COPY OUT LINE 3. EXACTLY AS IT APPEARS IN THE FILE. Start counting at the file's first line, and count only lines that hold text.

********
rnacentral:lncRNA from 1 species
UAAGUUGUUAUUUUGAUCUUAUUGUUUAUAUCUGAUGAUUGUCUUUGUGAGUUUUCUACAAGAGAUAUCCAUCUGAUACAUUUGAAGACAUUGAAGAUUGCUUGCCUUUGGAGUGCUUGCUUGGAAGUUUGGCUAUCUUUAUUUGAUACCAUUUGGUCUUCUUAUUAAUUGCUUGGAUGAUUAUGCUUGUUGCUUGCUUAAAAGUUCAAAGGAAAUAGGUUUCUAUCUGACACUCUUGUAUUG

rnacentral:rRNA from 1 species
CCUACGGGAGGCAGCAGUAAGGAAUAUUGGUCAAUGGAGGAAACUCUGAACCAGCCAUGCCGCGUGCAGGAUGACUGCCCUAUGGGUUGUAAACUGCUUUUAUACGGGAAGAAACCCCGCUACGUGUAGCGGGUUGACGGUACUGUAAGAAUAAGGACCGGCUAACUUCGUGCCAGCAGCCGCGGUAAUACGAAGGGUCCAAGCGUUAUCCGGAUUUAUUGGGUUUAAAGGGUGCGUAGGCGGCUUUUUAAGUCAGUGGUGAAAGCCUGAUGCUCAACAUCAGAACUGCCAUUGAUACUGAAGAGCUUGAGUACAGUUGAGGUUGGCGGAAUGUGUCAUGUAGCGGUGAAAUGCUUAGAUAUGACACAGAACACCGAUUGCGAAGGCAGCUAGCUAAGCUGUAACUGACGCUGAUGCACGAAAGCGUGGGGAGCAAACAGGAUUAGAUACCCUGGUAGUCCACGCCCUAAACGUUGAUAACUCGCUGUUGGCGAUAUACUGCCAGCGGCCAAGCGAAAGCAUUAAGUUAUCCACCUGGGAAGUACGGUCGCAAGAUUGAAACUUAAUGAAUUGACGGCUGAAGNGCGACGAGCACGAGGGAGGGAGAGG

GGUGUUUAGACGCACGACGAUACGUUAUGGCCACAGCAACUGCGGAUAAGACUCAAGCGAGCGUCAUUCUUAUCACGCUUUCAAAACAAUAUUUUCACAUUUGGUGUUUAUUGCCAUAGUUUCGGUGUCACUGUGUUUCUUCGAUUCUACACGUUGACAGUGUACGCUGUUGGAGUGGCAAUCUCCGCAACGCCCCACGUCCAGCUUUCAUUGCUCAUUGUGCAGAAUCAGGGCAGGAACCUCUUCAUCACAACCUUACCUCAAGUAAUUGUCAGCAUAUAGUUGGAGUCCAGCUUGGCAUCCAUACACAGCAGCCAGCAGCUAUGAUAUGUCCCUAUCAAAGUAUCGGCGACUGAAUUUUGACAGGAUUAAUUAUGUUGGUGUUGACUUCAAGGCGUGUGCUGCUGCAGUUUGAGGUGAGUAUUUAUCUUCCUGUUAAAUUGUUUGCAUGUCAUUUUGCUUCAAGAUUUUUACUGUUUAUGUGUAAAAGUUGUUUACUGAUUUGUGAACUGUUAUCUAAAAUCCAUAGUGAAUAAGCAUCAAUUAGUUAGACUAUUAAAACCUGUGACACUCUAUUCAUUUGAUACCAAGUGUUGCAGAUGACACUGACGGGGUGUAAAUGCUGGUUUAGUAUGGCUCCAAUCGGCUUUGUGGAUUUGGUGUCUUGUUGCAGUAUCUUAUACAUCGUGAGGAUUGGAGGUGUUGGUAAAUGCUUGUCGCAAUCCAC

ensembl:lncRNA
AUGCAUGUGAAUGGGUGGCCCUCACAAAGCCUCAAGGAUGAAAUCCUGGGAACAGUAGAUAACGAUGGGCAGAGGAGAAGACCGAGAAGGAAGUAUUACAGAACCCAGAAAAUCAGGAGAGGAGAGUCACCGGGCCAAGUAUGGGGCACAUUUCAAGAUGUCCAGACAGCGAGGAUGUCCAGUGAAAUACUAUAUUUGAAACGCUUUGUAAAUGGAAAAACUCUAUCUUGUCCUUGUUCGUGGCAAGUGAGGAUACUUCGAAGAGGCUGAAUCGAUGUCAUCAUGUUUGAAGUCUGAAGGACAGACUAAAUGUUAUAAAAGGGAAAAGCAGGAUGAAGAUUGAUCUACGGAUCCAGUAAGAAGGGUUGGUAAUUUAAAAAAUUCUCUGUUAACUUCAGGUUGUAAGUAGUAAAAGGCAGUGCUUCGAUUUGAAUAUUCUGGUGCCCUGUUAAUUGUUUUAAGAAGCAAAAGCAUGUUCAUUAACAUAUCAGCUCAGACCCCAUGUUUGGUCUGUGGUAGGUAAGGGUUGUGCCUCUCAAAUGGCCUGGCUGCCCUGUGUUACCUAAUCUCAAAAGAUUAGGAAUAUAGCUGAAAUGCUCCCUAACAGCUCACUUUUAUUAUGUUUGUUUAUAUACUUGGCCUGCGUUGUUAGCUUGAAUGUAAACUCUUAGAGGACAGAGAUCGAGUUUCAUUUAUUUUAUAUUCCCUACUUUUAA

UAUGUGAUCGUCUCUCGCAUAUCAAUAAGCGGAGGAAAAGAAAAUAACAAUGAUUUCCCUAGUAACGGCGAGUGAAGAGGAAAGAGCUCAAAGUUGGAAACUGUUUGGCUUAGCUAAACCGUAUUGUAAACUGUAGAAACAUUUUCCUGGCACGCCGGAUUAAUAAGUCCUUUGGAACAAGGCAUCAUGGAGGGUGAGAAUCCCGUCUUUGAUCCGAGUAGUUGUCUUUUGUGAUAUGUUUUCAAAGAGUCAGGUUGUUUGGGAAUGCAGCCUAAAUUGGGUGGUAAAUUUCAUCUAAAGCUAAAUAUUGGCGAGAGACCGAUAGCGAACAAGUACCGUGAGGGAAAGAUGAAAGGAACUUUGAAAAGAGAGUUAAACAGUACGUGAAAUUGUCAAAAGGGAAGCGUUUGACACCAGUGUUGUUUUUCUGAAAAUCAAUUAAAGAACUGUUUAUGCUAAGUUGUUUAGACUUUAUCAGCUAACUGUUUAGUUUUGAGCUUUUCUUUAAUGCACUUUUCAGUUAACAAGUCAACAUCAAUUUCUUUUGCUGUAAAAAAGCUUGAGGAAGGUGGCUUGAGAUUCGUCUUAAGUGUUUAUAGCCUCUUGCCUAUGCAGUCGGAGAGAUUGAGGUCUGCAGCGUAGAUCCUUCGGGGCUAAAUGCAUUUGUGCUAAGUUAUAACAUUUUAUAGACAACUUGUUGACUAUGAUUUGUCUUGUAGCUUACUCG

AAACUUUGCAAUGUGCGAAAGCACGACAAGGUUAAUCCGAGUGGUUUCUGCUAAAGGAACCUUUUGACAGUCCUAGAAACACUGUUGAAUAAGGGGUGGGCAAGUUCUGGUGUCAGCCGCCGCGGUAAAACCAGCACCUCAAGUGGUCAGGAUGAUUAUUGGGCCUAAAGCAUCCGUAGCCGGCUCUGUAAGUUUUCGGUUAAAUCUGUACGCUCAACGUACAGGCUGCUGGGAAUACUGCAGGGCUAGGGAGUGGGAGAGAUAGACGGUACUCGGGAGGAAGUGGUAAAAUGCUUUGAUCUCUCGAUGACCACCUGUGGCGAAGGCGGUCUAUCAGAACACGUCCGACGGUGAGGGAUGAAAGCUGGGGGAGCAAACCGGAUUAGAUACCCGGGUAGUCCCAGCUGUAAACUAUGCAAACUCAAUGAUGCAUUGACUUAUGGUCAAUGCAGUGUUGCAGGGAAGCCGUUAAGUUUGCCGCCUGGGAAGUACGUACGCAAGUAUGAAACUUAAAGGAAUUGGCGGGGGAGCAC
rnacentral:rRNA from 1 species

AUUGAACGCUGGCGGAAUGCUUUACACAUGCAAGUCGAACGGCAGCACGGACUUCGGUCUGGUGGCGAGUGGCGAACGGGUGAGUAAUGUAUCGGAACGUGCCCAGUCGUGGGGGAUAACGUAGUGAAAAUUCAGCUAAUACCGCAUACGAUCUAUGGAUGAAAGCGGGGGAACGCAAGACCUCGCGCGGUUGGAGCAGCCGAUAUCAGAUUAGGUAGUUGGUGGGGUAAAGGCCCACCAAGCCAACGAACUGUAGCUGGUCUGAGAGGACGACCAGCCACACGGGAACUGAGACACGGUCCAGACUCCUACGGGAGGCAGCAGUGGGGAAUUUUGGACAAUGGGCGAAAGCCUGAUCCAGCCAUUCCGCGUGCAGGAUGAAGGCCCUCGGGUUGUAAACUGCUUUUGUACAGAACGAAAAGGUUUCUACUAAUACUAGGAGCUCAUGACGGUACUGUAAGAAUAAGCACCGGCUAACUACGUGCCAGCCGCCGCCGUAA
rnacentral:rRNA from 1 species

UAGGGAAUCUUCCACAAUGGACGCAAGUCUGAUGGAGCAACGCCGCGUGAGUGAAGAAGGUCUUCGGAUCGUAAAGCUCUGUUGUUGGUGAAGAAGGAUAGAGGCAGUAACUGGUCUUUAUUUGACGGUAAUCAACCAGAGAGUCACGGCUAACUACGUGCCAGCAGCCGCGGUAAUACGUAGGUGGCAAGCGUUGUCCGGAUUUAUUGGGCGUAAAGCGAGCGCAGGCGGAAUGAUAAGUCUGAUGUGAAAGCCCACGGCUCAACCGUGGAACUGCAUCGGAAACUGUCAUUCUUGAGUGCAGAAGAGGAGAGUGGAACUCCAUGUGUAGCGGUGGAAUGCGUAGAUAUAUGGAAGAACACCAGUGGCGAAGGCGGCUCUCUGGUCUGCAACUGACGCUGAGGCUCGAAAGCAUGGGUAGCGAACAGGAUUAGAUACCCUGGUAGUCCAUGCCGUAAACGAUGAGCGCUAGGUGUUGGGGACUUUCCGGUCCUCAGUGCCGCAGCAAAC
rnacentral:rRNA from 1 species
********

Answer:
rnacentral:rRNA from 1 species